Japanese Socialism Learned in America
[Socialist Theory] Shakaishugi ron
Notes: A rare early work explaining the ideas of socialism by one of the founding members of the Japanese Socialist Party. The fourteen short chapters were originally published in the Niroku Shinpo newspaper. This book version was published by another early Japanese Socialist leader, Katayama Sen.
Katayama and Abe both discovered socialism while living in the United States in the late 19th century and they both became leading proponents of Japanese immigration to America. Both saw opportunities in America for poor Japanese to obtain an education and to find work at good wages (compared to the oppressive peasant economy in Japan) and between them published at least six books on immigration to the US.
While this book does not address immigration, as an early exposition of Abe's socialist ideas ("socialism...simply prohibits competition for food and clothing, the so-called survival of the fittest"), it is a concise exposition of the ideas that would encourage thousands of Japanese to immigrate to the US. Unlike Katayama, who focused on labor unions, Abe, as a Christian Socialist who attended the Hartford Theological Seminary, was mainly interested in social welfare. In that regard, he bridged the gap between Japanese Socialists and the Christian Nihon Rikkokai, which also encouraged Japanese to go abroad to the US.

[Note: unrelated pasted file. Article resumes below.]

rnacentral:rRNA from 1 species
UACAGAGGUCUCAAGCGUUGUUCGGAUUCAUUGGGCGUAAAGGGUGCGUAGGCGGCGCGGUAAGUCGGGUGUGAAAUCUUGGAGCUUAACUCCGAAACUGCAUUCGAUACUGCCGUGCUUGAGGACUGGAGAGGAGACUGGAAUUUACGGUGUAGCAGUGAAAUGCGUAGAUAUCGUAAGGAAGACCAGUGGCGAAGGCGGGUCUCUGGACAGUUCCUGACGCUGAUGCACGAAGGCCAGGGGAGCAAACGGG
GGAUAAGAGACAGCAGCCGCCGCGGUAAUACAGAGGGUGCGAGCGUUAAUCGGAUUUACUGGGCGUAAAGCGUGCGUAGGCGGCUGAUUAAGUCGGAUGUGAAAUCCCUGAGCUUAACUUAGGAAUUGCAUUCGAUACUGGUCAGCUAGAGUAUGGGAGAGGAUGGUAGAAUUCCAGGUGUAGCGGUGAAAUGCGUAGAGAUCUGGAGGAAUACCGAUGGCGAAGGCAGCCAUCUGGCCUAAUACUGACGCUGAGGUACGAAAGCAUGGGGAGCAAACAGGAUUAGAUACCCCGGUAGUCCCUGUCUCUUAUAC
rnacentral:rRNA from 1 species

For more information on Abe, Katayama, and the connection between Japanese socialism and American immigration, see Sidney Xu Lu, The Making of Japanese Settler Colonialism, pp. 113–119.
2, 48 pages
OCLC: 23437589 (University of Washington only; preservation photocopy).
Edition + Condition: First edition (first printing).Stapled rusted, else very good in the original wrappers.
Publication: Tokyo: Katayama Sen, 1903 (Meiji 36).
Item No: #361850